ENABLING DISCOVERY OF THE WORLD OF THE DISABLED
Tenth grade student Netanel Levi has walked into the entrance of Boys Town Jerusalem each morning for four years without (literally) ever looking back. He’d never given this activity a second thought until this week when he lost a stubborn fight to maneuver a wheelchair over the bumps in the sidewalk he’d never felt before. An hour earlier, Netanel had struggled valiantly to eat his lunch, but the blindfold over his eyes left him nearly helpless (and hungry). For Netanel and his 10 th grade classmates, “Accessibility-for-the-Disabled Day” at Boys Town Jerusalem was a powerful eye-opener in every sense.
Carried out by the international prize-winning “ Access Israel ” organization, the Accessibility Day activities on the Boys Town Jerusalem campus not only enabled students to personally experience everyday challenges facing the disabled, but also gave them the opportunity to meet with “the people behind the disability.” Guy Moshe, a wheelchair-bound double amputee who directed the seminar, raised students’ awareness to everyday physical challenges facing the disabled, from inaccessible ATM machines to classroom blackboards too high for teachers in wheelchairs. Later, Mr. Moshe let students try their hand at navigating wheelchairs across the Boys Town Jerusalem campus, which they discovered to be a formidable obstacle course.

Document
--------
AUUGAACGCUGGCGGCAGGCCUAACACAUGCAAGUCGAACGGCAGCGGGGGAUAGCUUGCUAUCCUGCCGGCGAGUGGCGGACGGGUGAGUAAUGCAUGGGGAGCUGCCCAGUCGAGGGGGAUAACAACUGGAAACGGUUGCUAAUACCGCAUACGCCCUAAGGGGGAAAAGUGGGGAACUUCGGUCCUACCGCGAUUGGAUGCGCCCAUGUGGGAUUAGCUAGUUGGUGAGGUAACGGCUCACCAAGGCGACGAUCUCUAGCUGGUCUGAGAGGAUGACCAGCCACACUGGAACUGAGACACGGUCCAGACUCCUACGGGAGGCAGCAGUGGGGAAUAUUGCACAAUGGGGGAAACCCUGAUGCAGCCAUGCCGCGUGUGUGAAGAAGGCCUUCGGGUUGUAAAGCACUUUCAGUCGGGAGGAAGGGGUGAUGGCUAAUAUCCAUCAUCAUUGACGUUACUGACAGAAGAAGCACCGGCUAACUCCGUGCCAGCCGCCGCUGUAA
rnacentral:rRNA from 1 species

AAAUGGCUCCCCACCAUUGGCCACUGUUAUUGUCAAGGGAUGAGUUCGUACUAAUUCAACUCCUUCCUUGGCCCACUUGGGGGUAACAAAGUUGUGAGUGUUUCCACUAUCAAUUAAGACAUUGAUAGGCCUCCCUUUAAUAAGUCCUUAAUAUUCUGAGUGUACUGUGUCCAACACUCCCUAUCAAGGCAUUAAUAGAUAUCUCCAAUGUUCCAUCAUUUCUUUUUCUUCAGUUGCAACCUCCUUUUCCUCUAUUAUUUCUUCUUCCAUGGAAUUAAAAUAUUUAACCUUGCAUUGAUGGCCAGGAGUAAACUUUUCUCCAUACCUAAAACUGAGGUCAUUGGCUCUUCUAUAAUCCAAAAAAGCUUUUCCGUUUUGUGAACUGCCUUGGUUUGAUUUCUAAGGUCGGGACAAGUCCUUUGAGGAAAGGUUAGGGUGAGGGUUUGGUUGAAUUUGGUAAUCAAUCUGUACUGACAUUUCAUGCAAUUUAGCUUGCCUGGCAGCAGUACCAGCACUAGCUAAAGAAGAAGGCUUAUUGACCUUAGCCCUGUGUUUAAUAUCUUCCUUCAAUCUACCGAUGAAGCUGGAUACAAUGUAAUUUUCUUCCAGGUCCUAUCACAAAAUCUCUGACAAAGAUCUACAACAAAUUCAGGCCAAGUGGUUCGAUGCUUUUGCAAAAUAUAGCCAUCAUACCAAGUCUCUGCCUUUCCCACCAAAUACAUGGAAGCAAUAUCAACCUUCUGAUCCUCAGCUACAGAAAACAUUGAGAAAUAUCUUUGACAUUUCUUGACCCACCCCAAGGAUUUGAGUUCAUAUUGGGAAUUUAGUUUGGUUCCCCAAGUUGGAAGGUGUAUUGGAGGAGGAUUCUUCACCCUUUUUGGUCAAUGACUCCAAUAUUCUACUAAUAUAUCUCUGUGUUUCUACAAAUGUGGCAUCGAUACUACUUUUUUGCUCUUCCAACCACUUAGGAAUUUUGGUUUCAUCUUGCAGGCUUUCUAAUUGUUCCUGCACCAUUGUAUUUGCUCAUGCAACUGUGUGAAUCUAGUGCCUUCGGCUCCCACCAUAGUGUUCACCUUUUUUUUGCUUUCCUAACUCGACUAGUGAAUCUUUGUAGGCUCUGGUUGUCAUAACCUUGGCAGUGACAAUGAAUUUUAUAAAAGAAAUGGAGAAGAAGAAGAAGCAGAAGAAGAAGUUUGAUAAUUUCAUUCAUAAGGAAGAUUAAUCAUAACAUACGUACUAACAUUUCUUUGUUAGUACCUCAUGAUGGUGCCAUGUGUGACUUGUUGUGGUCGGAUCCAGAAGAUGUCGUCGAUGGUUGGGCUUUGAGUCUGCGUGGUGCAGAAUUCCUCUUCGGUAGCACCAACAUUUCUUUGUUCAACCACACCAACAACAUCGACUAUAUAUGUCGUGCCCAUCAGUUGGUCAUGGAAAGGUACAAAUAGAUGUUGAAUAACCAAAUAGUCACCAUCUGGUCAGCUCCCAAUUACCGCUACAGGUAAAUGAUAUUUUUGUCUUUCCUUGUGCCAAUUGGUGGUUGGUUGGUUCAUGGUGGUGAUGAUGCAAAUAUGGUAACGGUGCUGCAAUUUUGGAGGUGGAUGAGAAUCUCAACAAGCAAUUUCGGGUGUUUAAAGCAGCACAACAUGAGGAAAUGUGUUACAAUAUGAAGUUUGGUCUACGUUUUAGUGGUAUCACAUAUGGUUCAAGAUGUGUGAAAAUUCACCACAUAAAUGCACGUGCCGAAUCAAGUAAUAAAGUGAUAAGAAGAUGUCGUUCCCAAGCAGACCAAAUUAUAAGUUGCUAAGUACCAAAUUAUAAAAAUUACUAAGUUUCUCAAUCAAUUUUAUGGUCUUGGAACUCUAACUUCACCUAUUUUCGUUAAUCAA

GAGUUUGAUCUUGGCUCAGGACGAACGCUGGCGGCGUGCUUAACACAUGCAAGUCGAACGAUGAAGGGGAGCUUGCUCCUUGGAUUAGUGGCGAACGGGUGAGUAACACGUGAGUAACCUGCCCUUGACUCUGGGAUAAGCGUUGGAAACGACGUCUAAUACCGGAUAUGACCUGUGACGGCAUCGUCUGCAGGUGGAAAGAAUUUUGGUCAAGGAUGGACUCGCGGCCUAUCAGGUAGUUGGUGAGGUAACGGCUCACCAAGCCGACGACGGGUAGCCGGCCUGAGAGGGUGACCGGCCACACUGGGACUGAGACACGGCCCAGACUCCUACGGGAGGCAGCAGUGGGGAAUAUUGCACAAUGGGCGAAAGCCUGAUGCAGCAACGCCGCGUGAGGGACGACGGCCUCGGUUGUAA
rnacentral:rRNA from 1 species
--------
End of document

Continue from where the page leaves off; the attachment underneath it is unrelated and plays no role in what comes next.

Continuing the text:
In sessions led by an IDF veteran who had suddenly become blind several years earlier and a young man who was deaf from birth, Boys Town Jerusalem students entered the world of the disabled and tried to grapple with challenges at hand. From stumbling blindfolded to trying to communicate without words, the boys were skillfully, sensitively guided to a new level of understanding.
“Although the ‘Accessibility-for-the-Disabled Day’ was quite an expensive event to finance, the awareness and understanding that our students gained is invaluable,” said high school principal Rabbi Doron Taib. “This is an investment for a lifetime.”
Rabbi Taib noted that Boys Town Jerusalem has embarked on the large-scale initiative to transform the 50+-year-old campus to become handicapped accessible. Following the recent dedication of the first handicapped-accessible restroom, the next phase is focused on either installing an elevator or a wheelchair lift to enable wheelchair-bound students and parents to easily reach the school’s four floors and three other floors that lead to the synagogues and laboratories.
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